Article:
Skip to main content

Please enter a keyword and click the arrow to search the site

Why employees do bad things: Moral disengagement and unethical organizational behavior


Personnel Psychology


Organisational Behaviour

Authors / Editors

Moore C;Detert J R;Treviño L K;Baker V L;Mayer D M

Publication Year



We examine the influence of individuals’ propensity to morally disengage on a broad range of unethical organizational behaviors. First, we develop a parsimonious, adult-oriented, valid, and reliable measure of an individual's propensity to morally disengage, and demonstrate the relationship between it and a number of theoretically relevant constructs in its nomological network. Then, in 4 additional studies spanning laboratory and field settings, we demonstrate the power of the propensity to moral disengage to predict multiple types of unethical organizational behavior. In these studies we demonstrate that the propensity to morally disengage predicts several outcomes (self-reported unethical behavior, a decision to commit fraud, a self-serving decision in the workplace, and supervisor- and coworker-reported unethical work behaviors) beyond other established individual difference antecedents of unethical organizational behavior, as well as the most closely related extant measure of the construct. We conclude that scholars and practitioners seeking to understand a broad range of undesirable workplace behaviors can benefit from taking an individual's propensity to morally disengage into account. Implications for theory, research, and practice are discussed.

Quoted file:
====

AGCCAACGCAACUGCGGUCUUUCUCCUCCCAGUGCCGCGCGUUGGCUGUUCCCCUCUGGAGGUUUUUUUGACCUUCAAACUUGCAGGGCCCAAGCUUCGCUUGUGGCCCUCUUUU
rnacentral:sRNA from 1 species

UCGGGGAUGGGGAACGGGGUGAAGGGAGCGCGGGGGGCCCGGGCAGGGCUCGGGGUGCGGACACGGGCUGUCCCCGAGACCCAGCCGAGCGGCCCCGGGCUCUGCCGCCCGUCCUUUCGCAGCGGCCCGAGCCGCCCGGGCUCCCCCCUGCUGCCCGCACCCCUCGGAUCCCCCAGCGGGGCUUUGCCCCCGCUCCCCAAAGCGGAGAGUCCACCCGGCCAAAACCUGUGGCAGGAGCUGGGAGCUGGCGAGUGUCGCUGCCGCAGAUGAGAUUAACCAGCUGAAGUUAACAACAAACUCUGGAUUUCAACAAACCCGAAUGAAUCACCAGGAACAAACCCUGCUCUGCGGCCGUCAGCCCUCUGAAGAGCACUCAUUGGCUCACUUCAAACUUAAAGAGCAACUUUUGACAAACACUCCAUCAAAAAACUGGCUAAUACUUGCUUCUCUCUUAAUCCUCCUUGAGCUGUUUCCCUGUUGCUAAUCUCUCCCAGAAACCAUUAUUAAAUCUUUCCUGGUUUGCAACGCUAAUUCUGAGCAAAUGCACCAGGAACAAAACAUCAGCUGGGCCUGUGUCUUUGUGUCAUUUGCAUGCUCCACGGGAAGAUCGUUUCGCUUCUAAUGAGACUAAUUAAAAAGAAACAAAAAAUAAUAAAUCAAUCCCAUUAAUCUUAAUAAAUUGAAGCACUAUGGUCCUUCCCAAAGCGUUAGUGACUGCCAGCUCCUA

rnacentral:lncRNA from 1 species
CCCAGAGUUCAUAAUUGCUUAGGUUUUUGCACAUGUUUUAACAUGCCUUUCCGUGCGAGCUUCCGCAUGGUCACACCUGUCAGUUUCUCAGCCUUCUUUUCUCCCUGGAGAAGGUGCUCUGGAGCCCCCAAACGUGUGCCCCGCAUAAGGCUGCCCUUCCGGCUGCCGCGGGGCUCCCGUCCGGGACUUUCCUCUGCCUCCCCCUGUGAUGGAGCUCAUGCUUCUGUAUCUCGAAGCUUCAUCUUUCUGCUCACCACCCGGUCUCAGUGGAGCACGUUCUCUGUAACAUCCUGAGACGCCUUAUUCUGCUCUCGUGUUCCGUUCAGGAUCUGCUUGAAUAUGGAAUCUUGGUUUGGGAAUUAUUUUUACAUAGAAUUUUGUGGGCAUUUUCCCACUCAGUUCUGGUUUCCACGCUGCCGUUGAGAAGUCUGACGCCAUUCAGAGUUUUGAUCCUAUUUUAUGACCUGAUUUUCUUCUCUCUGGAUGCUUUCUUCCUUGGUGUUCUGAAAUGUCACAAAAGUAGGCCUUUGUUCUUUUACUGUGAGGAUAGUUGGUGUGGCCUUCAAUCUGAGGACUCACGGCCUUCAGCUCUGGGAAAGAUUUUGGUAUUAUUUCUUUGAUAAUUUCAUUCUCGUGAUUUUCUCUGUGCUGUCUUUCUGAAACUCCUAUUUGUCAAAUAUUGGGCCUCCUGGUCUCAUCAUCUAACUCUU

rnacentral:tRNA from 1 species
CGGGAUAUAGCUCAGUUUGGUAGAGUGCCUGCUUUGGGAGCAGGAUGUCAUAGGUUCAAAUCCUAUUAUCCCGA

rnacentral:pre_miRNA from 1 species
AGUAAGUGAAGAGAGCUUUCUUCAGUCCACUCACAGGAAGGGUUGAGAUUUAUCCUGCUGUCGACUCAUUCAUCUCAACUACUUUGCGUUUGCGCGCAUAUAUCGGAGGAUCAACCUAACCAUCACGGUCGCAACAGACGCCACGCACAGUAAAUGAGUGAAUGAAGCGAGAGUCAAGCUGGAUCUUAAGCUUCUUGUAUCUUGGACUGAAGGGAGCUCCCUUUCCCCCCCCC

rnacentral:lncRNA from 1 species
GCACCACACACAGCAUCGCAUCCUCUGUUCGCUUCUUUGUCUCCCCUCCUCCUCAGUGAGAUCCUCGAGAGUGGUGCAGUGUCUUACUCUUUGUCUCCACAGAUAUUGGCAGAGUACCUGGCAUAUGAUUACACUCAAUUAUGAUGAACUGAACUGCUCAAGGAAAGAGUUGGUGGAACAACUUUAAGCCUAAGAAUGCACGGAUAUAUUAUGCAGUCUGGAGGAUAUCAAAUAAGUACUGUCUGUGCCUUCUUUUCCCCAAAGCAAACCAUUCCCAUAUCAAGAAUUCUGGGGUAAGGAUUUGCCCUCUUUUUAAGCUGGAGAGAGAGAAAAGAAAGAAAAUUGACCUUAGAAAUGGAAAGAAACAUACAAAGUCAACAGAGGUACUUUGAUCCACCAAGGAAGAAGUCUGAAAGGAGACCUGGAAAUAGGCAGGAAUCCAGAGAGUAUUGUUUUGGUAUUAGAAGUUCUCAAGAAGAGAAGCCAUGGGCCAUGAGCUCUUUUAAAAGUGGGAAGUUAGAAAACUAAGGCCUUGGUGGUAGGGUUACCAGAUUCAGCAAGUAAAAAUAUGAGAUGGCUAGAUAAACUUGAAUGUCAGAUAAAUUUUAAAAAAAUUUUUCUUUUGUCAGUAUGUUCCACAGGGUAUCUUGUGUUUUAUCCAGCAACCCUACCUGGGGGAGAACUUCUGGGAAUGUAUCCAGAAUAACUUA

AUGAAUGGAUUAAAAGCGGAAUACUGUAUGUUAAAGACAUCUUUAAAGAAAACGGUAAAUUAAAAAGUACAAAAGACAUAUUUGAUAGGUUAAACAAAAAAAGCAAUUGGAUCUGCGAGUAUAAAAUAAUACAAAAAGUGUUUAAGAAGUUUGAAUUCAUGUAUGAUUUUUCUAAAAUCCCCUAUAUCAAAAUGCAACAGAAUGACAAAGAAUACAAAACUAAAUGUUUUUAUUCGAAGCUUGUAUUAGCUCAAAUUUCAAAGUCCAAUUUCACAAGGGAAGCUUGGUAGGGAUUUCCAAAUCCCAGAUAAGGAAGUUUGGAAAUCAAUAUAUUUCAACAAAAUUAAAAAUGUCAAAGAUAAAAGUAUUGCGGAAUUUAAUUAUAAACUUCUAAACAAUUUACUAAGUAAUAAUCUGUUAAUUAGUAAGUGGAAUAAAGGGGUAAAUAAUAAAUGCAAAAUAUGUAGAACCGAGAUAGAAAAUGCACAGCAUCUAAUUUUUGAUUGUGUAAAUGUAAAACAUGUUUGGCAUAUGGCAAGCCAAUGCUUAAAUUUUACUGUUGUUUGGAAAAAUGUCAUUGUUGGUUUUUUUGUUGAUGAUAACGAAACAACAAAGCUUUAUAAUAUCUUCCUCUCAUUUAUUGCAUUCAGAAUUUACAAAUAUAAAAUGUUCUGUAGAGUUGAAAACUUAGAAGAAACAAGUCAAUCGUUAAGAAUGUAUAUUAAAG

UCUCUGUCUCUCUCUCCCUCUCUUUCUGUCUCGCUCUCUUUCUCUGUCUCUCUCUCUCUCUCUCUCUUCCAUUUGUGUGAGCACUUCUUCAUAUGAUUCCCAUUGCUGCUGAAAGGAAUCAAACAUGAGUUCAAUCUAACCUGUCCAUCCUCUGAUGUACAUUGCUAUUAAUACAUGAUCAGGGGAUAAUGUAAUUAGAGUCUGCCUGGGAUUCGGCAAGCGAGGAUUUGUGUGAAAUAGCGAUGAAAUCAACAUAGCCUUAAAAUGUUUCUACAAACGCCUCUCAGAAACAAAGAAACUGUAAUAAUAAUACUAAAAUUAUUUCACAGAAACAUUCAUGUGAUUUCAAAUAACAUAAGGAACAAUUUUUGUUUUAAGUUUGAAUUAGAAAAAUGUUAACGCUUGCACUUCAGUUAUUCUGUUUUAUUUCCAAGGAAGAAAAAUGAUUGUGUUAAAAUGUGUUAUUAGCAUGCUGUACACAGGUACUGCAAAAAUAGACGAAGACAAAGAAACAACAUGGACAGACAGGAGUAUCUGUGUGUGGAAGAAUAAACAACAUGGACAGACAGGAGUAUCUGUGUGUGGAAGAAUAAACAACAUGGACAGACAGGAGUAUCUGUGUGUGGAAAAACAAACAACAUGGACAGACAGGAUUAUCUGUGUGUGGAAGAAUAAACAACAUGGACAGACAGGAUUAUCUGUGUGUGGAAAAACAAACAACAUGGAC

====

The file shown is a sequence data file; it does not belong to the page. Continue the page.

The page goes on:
Available on ECCH


Select up to 4 programmes to compare

Select one more to compare
subscribe_image_desktop 5949B9BFE33243D782D1C7A17E3345D0

Sign up to receive our latest news and business thinking direct to your inbox


Sign up to receive our latest course information and business thinking

Leave your details above if you would like to receive emails containing the latest thought leadership, invitations to events and news about courses that could enhance your career. If you would prefer not to receive our emails, you can still access the case study by clicking the button below. You can opt-out of receiving our emails at any time by visiting: or by unsubscribing through the link provided in our emails. View our Privacy Policy for more information on your rights.